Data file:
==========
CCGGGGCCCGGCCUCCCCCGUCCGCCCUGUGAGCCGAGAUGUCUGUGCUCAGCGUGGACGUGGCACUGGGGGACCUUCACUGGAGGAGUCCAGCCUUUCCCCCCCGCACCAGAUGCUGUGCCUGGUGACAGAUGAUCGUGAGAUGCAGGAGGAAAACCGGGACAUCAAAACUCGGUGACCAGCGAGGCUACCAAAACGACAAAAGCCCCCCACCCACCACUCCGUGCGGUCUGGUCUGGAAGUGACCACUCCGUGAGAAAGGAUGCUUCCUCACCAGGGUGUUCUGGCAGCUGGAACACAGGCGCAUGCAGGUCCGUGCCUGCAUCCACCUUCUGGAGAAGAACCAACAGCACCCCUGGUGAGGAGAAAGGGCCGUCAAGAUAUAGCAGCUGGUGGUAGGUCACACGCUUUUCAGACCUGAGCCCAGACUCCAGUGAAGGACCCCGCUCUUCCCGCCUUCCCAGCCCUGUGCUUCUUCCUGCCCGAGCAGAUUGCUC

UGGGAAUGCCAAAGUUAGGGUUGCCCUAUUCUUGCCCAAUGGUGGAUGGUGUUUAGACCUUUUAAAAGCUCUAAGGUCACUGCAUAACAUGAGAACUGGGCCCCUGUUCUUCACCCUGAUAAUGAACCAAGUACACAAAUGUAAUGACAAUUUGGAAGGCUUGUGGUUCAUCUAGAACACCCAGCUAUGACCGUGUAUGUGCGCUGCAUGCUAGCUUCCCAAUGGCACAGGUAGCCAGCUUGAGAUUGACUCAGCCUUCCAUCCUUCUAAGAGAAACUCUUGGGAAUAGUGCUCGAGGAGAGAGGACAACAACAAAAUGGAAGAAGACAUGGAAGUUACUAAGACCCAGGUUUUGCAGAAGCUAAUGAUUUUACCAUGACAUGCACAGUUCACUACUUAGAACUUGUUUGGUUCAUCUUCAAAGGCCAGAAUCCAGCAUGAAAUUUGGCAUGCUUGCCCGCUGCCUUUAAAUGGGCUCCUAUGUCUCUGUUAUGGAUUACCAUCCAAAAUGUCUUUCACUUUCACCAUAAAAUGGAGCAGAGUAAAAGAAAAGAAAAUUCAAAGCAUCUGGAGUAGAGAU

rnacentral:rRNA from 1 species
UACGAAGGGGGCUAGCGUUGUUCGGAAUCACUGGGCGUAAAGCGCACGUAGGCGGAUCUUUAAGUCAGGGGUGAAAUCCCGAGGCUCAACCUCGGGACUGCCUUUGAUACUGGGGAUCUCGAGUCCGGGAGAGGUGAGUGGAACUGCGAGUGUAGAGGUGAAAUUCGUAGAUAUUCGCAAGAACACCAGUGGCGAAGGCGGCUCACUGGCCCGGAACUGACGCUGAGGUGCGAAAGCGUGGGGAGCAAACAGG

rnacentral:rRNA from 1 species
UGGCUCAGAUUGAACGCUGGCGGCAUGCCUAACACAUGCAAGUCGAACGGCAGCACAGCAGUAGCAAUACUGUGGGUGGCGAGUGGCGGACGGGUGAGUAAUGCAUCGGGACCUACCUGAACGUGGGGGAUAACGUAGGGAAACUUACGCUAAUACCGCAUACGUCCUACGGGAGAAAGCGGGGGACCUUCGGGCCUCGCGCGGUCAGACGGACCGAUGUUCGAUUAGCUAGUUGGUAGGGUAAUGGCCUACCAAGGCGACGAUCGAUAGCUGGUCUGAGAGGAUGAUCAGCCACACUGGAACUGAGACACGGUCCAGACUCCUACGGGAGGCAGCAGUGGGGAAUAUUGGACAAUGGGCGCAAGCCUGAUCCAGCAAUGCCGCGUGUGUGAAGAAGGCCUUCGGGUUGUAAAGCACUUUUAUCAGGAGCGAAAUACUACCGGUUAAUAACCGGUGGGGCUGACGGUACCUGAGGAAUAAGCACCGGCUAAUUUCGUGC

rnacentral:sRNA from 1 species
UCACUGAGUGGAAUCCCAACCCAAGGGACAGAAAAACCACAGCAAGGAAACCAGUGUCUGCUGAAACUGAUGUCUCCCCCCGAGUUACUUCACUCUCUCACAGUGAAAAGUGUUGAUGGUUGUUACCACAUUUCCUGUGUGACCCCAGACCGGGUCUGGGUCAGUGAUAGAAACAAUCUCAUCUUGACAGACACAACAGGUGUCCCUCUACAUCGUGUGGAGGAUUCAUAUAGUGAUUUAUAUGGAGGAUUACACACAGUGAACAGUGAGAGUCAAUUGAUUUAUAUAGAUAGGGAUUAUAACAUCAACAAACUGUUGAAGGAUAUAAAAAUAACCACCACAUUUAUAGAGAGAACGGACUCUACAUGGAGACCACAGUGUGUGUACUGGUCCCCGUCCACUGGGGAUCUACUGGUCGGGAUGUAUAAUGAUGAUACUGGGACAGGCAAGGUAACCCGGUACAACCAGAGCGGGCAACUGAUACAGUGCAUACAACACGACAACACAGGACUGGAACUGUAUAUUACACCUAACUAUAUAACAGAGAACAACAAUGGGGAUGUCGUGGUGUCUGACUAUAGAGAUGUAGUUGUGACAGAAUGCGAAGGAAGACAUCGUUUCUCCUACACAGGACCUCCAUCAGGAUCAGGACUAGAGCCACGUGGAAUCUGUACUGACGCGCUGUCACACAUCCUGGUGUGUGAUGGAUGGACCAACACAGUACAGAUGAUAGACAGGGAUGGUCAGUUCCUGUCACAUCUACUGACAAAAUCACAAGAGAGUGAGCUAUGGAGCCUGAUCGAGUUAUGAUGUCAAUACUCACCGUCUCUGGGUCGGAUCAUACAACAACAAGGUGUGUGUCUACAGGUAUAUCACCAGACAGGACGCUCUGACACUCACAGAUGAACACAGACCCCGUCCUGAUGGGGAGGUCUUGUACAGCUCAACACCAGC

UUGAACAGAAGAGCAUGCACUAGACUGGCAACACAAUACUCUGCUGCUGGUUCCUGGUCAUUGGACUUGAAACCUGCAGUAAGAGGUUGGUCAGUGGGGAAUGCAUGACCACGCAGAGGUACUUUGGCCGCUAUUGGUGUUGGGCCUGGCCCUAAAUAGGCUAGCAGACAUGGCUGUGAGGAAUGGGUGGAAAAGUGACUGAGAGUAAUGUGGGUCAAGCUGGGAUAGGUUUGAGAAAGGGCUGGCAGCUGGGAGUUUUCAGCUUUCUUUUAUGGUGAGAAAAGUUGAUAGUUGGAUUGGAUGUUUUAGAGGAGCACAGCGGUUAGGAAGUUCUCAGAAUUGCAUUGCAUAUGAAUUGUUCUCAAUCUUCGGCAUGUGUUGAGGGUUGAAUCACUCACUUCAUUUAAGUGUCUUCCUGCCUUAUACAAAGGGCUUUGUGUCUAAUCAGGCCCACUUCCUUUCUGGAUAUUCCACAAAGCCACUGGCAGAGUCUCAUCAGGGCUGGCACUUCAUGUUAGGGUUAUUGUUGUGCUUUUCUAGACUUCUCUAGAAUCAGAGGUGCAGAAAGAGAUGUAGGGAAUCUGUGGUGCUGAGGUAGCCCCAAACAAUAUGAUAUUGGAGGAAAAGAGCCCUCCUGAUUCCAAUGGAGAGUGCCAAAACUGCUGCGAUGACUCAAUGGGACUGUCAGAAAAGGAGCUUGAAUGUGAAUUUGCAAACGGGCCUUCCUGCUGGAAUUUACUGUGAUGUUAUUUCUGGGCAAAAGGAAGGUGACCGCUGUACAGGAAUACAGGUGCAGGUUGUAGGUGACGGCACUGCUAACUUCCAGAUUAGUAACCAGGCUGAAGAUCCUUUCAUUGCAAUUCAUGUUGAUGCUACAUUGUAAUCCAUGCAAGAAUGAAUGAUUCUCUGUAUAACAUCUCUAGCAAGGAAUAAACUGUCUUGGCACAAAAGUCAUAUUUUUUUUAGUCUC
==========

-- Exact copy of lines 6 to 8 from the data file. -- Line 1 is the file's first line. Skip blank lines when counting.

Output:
UGGCUCAGAUUGAACGCUGGCGGCAUGCCUAACACAUGCAAGUCGAACGGCAGCACAGCAGUAGCAAUACUGUGGGUGGCGAGUGGCGGACGGGUGAGUAAUGCAUCGGGACCUACCUGAACGUGGGGGAUAACGUAGGGAAACUUACGCUAAUACCGCAUACGUCCUACGGGAGAAAGCGGGGGACCUUCGGGCCUCGCGCGGUCAGACGGACCGAUGUUCGAUUAGCUAGUUGGUAGGGUAAUGGCCUACCAAGGCGACGAUCGAUAGCUGGUCUGAGAGGAUGAUCAGCCACACUGGAACUGAGACACGGUCCAGACUCCUACGGGAGGCAGCAGUGGGGAAUAUUGGACAAUGGGCGCAAGCCUGAUCCAGCAAUGCCGCGUGUGUGAAGAAGGCCUUCGGGUUGUAAAGCACUUUUAUCAGGAGCGAAAUACUACCGGUUAAUAACCGGUGGGGCUGACGGUACCUGAGGAAUAAGCACCGGCUAAUUUCGUGC

rnacentral:sRNA from 1 species
UCACUGAGUGGAAUCCCAACCCAAGGGACAGAAAAACCACAGCAAGGAAACCAGUGUCUGCUGAAACUGAUGUCUCCCCCCGAGUUACUUCACUCUCUCACAGUGAAAAGUGUUGAUGGUUGUUACCACAUUUCCUGUGUGACCCCAGACCGGGUCUGGGUCAGUGAUAGAAACAAUCUCAUCUUGACAGACACAACAGGUGUCCCUCUACAUCGUGUGGAGGAUUCAUAUAGUGAUUUAUAUGGAGGAUUACACACAGUGAACAGUGAGAGUCAAUUGAUUUAUAUAGAUAGGGAUUAUAACAUCAACAAACUGUUGAAGGAUAUAAAAAUAACCACCACAUUUAUAGAGAGAACGGACUCUACAUGGAGACCACAGUGUGUGUACUGGUCCCCGUCCACUGGGGAUCUACUGGUCGGGAUGUAUAAUGAUGAUACUGGGACAGGCAAGGUAACCCGGUACAACCAGAGCGGGCAACUGAUACAGUGCAUACAACACGACAACACAGGACUGGAACUGUAUAUUACACCUAACUAUAUAACAGAGAACAACAAUGGGGAUGUCGUGGUGUCUGACUAUAGAGAUGUAGUUGUGACAGAAUGCGAAGGAAGACAUCGUUUCUCCUACACAGGACCUCCAUCAGGAUCAGGACUAGAGCCACGUGGAAUCUGUACUGACGCGCUGUCACACAUCCUGGUGUGUGAUGGAUGGACCAACACAGUACAGAUGAUAGACAGGGAUGGUCAGUUCCUGUCACAUCUACUGACAAAAUCACAAGAGAGUGAGCUAUGGAGCCUGAUCGAGUUAUGAUGUCAAUACUCACCGUCUCUGGGUCGGAUCAUACAACAACAAGGUGUGUGUCUACAGGUAUAUCACCAGACAGGACGCUCUGACACUCACAGAUGAACACAGACCCCGUCCUGAUGGGGAGGUCUUGUACAGCUCAACACCAGC